Steam Frigate / Ironclad Warship
The Arapiles was initially intended to be a wooden screw frigate but the changing times forced her to become a broadside ironclad warship.
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Arapiles was a frigate-turned-ironclad appearing in the middle to late 1860s and serving with the Spanish Navy. Construction delays negated her use in the Spanish conflict with Chile and Peru though she was launched in time to take some role in the war. The vessel would see an abrupt end to her sailing days when the political situation between Spain and the United States of America changed with a single incident at sea, effectively dooming her future at the hands of the Americans in American waters.
Design was of a peculiar nature in that the Arapiles was initially contracted and laid down by 1961 into 1962 as a steam frigate. However, the contract was rewritten in 1864 and the Arapiles now became an broadside ironclad mounting some 51 gun systems in her sides. The addition of the armor alone added some 203 tons to her displacement, effectively changing her initial design philosophy altogether. Her profile was dominated by three main masts and a single funnel amidships. Power was derived from a steam engine powered by six boilers and turning a single screw. Essentially, warships during this changing time were seemingly all taking on this unique look of utilizing sails and steam engine power. With a top speed of 12 knots and a full complement of weapons and crew, the Arapiles was a confident battle platform for the Spanish Navy.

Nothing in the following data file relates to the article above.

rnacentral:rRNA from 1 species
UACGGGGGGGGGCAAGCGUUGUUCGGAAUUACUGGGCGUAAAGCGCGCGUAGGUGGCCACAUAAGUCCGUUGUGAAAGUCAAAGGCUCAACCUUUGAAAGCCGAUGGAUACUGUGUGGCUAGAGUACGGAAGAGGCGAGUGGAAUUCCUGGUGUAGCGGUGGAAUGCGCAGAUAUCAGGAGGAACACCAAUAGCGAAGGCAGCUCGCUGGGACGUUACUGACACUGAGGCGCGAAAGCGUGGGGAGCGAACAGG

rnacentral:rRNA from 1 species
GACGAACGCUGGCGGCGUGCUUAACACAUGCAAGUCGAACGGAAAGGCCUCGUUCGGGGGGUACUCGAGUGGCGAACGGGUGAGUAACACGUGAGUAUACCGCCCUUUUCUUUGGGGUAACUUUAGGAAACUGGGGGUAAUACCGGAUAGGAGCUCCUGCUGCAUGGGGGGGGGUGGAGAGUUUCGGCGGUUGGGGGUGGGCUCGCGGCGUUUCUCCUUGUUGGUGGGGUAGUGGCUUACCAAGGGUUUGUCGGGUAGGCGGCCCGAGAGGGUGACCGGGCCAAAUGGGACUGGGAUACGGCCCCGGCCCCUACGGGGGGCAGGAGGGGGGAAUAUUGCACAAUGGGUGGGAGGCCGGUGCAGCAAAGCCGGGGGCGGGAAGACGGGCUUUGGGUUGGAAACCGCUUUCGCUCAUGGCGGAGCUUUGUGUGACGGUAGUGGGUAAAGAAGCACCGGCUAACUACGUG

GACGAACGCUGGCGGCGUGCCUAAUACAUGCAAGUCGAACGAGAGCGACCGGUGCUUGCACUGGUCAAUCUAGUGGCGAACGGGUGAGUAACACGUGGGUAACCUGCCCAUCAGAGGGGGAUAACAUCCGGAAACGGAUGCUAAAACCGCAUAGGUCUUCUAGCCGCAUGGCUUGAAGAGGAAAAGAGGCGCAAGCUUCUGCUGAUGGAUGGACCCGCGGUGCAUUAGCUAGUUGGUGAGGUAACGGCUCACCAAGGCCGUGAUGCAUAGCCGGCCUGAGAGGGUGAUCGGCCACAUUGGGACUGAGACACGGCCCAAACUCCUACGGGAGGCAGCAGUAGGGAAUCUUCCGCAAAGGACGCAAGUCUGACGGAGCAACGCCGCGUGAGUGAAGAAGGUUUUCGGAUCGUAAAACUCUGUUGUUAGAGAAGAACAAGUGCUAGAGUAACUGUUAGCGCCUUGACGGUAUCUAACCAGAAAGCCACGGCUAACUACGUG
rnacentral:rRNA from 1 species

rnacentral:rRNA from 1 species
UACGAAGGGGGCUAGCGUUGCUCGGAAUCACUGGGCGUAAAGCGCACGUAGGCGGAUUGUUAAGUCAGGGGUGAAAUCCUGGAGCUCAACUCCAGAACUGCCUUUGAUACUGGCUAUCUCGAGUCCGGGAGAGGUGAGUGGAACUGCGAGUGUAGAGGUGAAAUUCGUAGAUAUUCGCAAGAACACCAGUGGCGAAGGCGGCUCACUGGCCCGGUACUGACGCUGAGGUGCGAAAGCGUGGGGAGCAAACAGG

The Arapiles career came to an unceremonious end when she ran aground off the coast of Venezuela. The damage was such that she needed immediate repairs and set berth in New York, USA. However, once in dock, the political situation between Spain and USA had worsened when a Spanish ship intercepted and commandeered the steamer Virginius off the coast of Cuba. As such, the Arapiles - still on dry dock in a New York port - was not allowed back out to sea by the Americans. By this time, the condition of her wooden hull was such that the vessel was more than a financial burden to repair at all.
Arapiles was ordered in 1861 and constructed began a year later by R & H Green of Blackwall. The vessel was launched in 1864 and officially commissioned in 1868 in Britain, making it home to Spain in December of that year. Her name was derived from the Duke of Wellington who took part in the Battle of Salamanca (1812) during the Peninsular War (the battle known in Spain and France as Los Arapiles) in which the Duke defeated the French.